FAQ :: TaskScheduler.UnobservedTaskException event doesn’t work?

Danny Shih

Recall that if exceptions thrown from Task bodies are left unobserved, they will be escalated.  In .NET 4, this means that TPL will throw them on the finalizer after the Task objects are available for garbage collection.  The UnobservedTaskException event on the TaskScheduler class was added as a last-resort method to observe such exceptions and prevent them from crashing the process.  Therefore, code like the following will not trigger the event:

TaskScheduler.UnobservedTaskException +=
object sender, UnobservedTaskExceptionEventArgs excArgs) =>
Console.WriteLine(“Caught it!”);

t = Task.Factory.StartNew(() =>
    throw new Exception(“ha!”);

try { t.Wait(); }
catch (Exception) { }

This is because the Task exception is already being correctly observed by calling Wait()!  There’s no reason to trigger the event, because the exception will not be escalated anyway.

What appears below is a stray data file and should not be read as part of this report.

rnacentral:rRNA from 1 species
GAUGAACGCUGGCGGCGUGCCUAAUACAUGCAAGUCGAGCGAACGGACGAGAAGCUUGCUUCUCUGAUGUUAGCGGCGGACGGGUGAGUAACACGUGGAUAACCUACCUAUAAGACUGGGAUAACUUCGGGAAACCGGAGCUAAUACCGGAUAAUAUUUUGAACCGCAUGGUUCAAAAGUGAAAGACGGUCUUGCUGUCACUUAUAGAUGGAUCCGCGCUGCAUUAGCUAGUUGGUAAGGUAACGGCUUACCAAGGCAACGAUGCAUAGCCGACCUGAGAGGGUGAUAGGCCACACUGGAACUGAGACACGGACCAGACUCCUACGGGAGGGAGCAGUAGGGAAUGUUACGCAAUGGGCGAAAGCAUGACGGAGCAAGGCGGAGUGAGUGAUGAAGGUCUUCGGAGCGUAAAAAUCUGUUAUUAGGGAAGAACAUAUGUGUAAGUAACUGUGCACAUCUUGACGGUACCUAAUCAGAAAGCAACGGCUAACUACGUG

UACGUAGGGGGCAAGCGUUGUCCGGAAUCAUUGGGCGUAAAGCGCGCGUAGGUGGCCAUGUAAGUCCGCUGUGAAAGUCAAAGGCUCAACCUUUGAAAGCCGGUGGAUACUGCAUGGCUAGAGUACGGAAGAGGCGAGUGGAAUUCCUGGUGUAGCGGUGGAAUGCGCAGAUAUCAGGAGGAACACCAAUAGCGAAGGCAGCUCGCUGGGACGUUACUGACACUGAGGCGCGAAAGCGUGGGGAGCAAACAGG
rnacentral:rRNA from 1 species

Note that even if the Wait() call is removed from the code, the event will not trigger until the Task is available for garbage collection (and a collection actually happens).  Thus, one way to see the event in action is to do something like this (replacing the try/catch block above):

t = null;

First, we wait for the Task to complete using its underlying wait handle; this does not observe exceptions like calling Task.Wait() does.  Then, we null the Task, making it available for garbage collection, and force a full collection.  See the attached file for the code in entirety.

NOTE: This sample is intended to let folks experiment with the UnobservedTaskException event.  It is certainly not recommended for production code.



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